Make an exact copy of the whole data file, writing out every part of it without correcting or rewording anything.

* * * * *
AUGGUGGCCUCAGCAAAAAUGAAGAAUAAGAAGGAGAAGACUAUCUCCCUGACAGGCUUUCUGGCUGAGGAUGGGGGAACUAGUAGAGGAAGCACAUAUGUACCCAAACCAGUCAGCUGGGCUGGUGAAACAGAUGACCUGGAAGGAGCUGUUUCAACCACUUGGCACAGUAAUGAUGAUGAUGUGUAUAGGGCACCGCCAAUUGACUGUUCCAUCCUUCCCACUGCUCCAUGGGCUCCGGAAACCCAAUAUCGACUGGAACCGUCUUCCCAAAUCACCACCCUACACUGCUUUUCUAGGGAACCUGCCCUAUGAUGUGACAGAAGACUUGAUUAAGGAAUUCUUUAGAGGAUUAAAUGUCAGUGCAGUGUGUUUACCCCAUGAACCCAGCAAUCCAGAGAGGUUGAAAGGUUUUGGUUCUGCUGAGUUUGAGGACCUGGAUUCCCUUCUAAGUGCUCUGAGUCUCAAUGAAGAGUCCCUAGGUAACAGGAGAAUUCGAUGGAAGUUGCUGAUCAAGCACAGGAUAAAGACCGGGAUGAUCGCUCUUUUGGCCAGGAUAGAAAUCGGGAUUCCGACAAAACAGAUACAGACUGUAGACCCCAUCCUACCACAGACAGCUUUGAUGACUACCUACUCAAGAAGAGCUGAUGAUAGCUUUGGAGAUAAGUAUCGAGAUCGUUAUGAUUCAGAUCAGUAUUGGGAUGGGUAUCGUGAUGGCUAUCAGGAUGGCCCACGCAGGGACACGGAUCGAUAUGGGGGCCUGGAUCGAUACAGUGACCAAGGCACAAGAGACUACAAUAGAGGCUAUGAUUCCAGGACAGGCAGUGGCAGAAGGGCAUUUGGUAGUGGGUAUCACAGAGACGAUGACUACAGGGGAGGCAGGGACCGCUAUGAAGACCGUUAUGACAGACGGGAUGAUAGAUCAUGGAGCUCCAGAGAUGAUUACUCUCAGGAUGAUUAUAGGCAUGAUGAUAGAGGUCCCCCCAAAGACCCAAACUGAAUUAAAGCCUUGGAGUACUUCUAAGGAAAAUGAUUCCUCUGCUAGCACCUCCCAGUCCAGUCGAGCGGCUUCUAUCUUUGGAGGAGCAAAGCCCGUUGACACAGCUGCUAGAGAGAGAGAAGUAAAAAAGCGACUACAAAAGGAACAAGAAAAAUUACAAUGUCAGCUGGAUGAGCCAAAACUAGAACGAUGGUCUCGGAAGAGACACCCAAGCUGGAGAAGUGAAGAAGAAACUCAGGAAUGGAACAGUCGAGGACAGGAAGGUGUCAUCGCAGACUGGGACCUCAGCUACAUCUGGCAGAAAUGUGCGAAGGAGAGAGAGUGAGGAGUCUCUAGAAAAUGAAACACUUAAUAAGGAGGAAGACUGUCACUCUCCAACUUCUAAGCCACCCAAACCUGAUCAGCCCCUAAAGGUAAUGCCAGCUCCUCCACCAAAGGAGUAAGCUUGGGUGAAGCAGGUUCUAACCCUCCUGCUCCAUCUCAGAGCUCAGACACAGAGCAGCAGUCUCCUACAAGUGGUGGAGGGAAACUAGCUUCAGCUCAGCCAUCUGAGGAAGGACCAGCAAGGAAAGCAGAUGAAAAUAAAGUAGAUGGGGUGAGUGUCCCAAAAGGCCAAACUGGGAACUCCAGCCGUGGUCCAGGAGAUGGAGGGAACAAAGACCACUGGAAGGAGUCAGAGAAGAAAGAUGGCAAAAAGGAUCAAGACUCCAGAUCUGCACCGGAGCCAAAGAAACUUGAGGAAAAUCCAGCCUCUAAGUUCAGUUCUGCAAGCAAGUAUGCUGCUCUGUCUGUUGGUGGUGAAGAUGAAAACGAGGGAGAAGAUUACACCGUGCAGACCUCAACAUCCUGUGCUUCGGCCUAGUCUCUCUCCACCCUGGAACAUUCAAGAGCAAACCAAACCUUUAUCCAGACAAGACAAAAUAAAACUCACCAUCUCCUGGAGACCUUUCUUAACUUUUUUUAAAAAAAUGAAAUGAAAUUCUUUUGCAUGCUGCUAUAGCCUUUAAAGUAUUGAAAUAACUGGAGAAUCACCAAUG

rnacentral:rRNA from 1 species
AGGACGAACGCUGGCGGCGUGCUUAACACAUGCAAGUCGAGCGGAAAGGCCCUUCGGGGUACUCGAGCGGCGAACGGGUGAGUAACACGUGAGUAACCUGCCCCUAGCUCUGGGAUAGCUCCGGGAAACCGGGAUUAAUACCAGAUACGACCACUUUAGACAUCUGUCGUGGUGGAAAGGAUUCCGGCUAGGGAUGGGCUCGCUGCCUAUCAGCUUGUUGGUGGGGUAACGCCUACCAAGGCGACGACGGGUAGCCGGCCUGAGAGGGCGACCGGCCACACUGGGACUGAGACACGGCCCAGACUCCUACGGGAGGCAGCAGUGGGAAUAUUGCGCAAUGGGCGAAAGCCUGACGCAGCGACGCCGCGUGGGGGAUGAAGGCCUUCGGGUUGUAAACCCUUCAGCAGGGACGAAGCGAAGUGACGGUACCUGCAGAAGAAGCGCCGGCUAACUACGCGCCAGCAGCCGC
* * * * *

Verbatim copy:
AUGGUGGCCUCAGCAAAAAUGAAGAAUAAGAAGGAGAAGACUAUCUCCCUGACAGGCUUUCUGGCUGAGGAUGGGGGAACUAGUAGAGGAAGCACAUAUGUACCCAAACCAGUCAGCUGGGCUGGUGAAACAGAUGACCUGGAAGGAGCUGUUUCAACCACUUGGCACAGUAAUGAUGAUGAUGUGUAUAGGGCACCGCCAAUUGACUGUUCCAUCCUUCCCACUGCUCCAUGGGCUCCGGAAACCCAAUAUCGACUGGAACCGUCUUCCCAAAUCACCACCCUACACUGCUUUUCUAGGGAACCUGCCCUAUGAUGUGACAGAAGACUUGAUUAAGGAAUUCUUUAGAGGAUUAAAUGUCAGUGCAGUGUGUUUACCCCAUGAACCCAGCAAUCCAGAGAGGUUGAAAGGUUUUGGUUCUGCUGAGUUUGAGGACCUGGAUUCCCUUCUAAGUGCUCUGAGUCUCAAUGAAGAGUCCCUAGGUAACAGGAGAAUUCGAUGGAAGUUGCUGAUCAAGCACAGGAUAAAGACCGGGAUGAUCGCUCUUUUGGCCAGGAUAGAAAUCGGGAUUCCGACAAAACAGAUACAGACUGUAGACCCCAUCCUACCACAGACAGCUUUGAUGACUACCUACUCAAGAAGAGCUGAUGAUAGCUUUGGAGAUAAGUAUCGAGAUCGUUAUGAUUCAGAUCAGUAUUGGGAUGGGUAUCGUGAUGGCUAUCAGGAUGGCCCACGCAGGGACACGGAUCGAUAUGGGGGCCUGGAUCGAUACAGUGACCAAGGCACAAGAGACUACAAUAGAGGCUAUGAUUCCAGGACAGGCAGUGGCAGAAGGGCAUUUGGUAGUGGGUAUCACAGAGACGAUGACUACAGGGGAGGCAGGGACCGCUAUGAAGACCGUUAUGACAGACGGGAUGAUAGAUCAUGGAGCUCCAGAGAUGAUUACUCUCAGGAUGAUUAUAGGCAUGAUGAUAGAGGUCCCCCCAAAGACCCAAACUGAAUUAAAGCCUUGGAGUACUUCUAAGGAAAAUGAUUCCUCUGCUAGCACCUCCCAGUCCAGUCGAGCGGCUUCUAUCUUUGGAGGAGCAAAGCCCGUUGACACAGCUGCUAGAGAGAGAGAAGUAAAAAAGCGACUACAAAAGGAACAAGAAAAAUUACAAUGUCAGCUGGAUGAGCCAAAACUAGAACGAUGGUCUCGGAAGAGACACCCAAGCUGGAGAAGUGAAGAAGAAACUCAGGAAUGGAACAGUCGAGGACAGGAAGGUGUCAUCGCAGACUGGGACCUCAGCUACAUCUGGCAGAAAUGUGCGAAGGAGAGAGAGUGAGGAGUCUCUAGAAAAUGAAACACUUAAUAAGGAGGAAGACUGUCACUCUCCAACUUCUAAGCCACCCAAACCUGAUCAGCCCCUAAAGGUAAUGCCAGCUCCUCCACCAAAGGAGUAAGCUUGGGUGAAGCAGGUUCUAACCCUCCUGCUCCAUCUCAGAGCUCAGACACAGAGCAGCAGUCUCCUACAAGUGGUGGAGGGAAACUAGCUUCAGCUCAGCCAUCUGAGGAAGGACCAGCAAGGAAAGCAGAUGAAAAUAAAGUAGAUGGGGUGAGUGUCCCAAAAGGCCAAACUGGGAACUCCAGCCGUGGUCCAGGAGAUGGAGGGAACAAAGACCACUGGAAGGAGUCAGAGAAGAAAGAUGGCAAAAAGGAUCAAGACUCCAGAUCUGCACCGGAGCCAAAGAAACUUGAGGAAAAUCCAGCCUCUAAGUUCAGUUCUGCAAGCAAGUAUGCUGCUCUGUCUGUUGGUGGUGAAGAUGAAAACGAGGGAGAAGAUUACACCGUGCAGACCUCAACAUCCUGUGCUUCGGCCUAGUCUCUCUCCACCCUGGAACAUUCAAGAGCAAACCAAACCUUUAUCCAGACAAGACAAAAUAAAACUCACCAUCUCCUGGAGACCUUUCUUAACUUUUUUUAAAAAAAUGAAAUGAAAUUCUUUUGCAUGCUGCUAUAGCCUUUAAAGUAUUGAAAUAACUGGAGAAUCACCAAUG

rnacentral:rRNA from 1 species
AGGACGAACGCUGGCGGCGUGCUUAACACAUGCAAGUCGAGCGGAAAGGCCCUUCGGGGUACUCGAGCGGCGAACGGGUGAGUAACACGUGAGUAACCUGCCCCUAGCUCUGGGAUAGCUCCGGGAAACCGGGAUUAAUACCAGAUACGACCACUUUAGACAUCUGUCGUGGUGGAAAGGAUUCCGGCUAGGGAUGGGCUCGCUGCCUAUCAGCUUGUUGGUGGGGUAACGCCUACCAAGGCGACGACGGGUAGCCGGCCUGAGAGGGCGACCGGCCACACUGGGACUGAGACACGGCCCAGACUCCUACGGGAGGCAGCAGUGGGAAUAUUGCGCAAUGGGCGAAAGCCUGACGCAGCGACGCCGCGUGGGGGAUGAAGGCCUUCGGGUUGUAAACCCUUCAGCAGGGACGAAGCGAAGUGACGGUACCUGCAGAAGAAGCGCCGGCUAACUACGCGCCAGCAGCCGC